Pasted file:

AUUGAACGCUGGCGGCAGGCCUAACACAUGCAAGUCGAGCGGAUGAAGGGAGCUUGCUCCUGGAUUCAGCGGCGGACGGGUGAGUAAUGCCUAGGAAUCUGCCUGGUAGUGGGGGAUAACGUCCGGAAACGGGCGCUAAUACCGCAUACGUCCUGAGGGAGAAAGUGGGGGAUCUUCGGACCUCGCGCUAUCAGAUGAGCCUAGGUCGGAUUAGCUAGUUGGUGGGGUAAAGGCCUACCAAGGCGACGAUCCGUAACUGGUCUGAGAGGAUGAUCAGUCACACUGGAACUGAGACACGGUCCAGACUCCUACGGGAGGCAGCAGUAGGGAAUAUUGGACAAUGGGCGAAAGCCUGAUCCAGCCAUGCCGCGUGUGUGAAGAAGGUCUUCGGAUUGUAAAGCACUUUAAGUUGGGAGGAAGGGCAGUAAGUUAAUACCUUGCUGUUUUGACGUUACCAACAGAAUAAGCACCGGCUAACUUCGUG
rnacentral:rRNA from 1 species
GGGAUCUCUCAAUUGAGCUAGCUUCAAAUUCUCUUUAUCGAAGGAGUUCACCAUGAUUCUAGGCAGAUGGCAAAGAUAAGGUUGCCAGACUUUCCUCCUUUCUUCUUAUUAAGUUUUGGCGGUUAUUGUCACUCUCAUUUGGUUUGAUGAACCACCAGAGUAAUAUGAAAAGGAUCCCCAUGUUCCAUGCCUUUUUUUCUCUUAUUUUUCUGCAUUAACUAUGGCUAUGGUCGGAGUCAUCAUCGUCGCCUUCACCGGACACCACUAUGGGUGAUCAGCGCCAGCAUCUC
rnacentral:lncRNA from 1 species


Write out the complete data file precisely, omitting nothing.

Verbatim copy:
AUUGAACGCUGGCGGCAGGCCUAACACAUGCAAGUCGAGCGGAUGAAGGGAGCUUGCUCCUGGAUUCAGCGGCGGACGGGUGAGUAAUGCCUAGGAAUCUGCCUGGUAGUGGGGGAUAACGUCCGGAAACGGGCGCUAAUACCGCAUACGUCCUGAGGGAGAAAGUGGGGGAUCUUCGGACCUCGCGCUAUCAGAUGAGCCUAGGUCGGAUUAGCUAGUUGGUGGGGUAAAGGCCUACCAAGGCGACGAUCCGUAACUGGUCUGAGAGGAUGAUCAGUCACACUGGAACUGAGACACGGUCCAGACUCCUACGGGAGGCAGCAGUAGGGAAUAUUGGACAAUGGGCGAAAGCCUGAUCCAGCCAUGCCGCGUGUGUGAAGAAGGUCUUCGGAUUGUAAAGCACUUUAAGUUGGGAGGAAGGGCAGUAAGUUAAUACCUUGCUGUUUUGACGUUACCAACAGAAUAAGCACCGGCUAACUUCGUG
rnacentral:rRNA from 1 species
GGGAUCUCUCAAUUGAGCUAGCUUCAAAUUCUCUUUAUCGAAGGAGUUCACCAUGAUUCUAGGCAGAUGGCAAAGAUAAGGUUGCCAGACUUUCCUCCUUUCUUCUUAUUAAGUUUUGGCGGUUAUUGUCACUCUCAUUUGGUUUGAUGAACCACCAGAGUAAUAUGAAAAGGAUCCCCAUGUUCCAUGCCUUUUUUUCUCUUAUUUUUCUGCAUUAACUAUGGCUAUGGUCGGAGUCAUCAUCGUCGCCUUCACCGGACACCACUAUGGGUGAUCAGCGCCAGCAUCUC
rnacentral:lncRNA from 1 species